Lil Wayne finally did it. Freed at last from red tape, industry woes, and the whims of Cash Money Records’ mercurial co-founder Birdman, Tha Carter V dropped this past Friday (Sept. 28) to the delight of the New Orleans native’s long-suffering fanbase. With 23 songs and features by Nicki Minaj, Snoop Dogg, and Travis Scott, among others, the fifth volume in Weezy’s beloved and respected series of full-lengths is already on its way to an assured debut atop the Billboard 200 album charts.
His ties as an artist to Cash Money are now formally severed, with his Young Money imprint apparently fully separated as a standalone unit for any future releases and new business, though still benefiting from a distribution arrangement with Universal Music Group’s Republic Records arm. But now that Tha Carter V has made its way into the world and onto everyone’s favorite streaming music platforms, a question arises about Dwayne Michael Carter Jr. that we haven’t needed to ask in years—what’s next?
Before diving into his prospects, it’s worth examining Wayne’s accomplishments to date. Actively recording since the 1990s, the majority of his commercially released projects have earned at least gold certification from the RIAA, the most recent of which being I Am Not A Human Being II. His two biggest album awards went to the third and fourth installments of Tha Carter series, which went triple-platinum and double-platinum, respectively. Soon to be his fourth No. 1 charting solo album, Tha Carter V should reach RIAA gold eligibility within the first two weeks of its release.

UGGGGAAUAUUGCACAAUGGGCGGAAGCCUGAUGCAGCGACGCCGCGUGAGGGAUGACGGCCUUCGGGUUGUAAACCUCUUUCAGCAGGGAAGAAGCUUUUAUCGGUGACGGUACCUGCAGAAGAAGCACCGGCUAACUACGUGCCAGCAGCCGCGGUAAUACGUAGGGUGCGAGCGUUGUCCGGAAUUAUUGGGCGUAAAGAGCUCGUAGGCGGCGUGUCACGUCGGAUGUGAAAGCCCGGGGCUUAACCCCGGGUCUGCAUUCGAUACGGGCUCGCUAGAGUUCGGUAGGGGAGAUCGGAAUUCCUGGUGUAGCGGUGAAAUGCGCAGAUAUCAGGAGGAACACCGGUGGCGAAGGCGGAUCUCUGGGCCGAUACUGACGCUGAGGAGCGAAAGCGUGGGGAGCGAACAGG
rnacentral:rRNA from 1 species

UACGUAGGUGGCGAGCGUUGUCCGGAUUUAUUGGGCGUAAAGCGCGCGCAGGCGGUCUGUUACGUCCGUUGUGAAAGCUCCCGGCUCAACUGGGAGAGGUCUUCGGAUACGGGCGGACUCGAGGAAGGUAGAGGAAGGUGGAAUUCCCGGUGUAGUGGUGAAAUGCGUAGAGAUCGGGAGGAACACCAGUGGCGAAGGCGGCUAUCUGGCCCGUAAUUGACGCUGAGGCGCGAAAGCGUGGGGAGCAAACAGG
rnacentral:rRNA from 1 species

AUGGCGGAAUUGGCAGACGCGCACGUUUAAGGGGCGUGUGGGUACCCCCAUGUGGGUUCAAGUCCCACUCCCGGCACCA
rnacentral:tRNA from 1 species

Following the ultimately platinum certified loosie “Believe Me,” Wayne soldiered through the five years separating his last two proper albums as a reliable feature artist, on hits by or with DJ Khaled, Kodak Black, and Wiz Khalifa. Those latter day wins contributed to an overall total of 143 appearances in a lead or guest capacity on the Hot 100, including the 2000 Hot Boys single “I Need A Hot Girl” and a handful of posse cuts credited to Young Money. And thanks to the way Billboard currently takes streaming into account, that number will grow considerably when the chart refreshes next week to reflect most if not all of Tha Carter V’s tracks.
All of this indicates that Wayne has a healthy career ahead as a recording artist, should he opt to pursue one. Having lost none of his commercial luster at the age of 36, his contemporary resurgence with Tha Carter V demonstrates undeniably that rap’s listenership still desires to hear him spit his witty and boisterous bars after more than two decades. Assuming any lingering rumors of this album being his curtain call prove false, he can assume his rightful place once again among the genre’s active elite.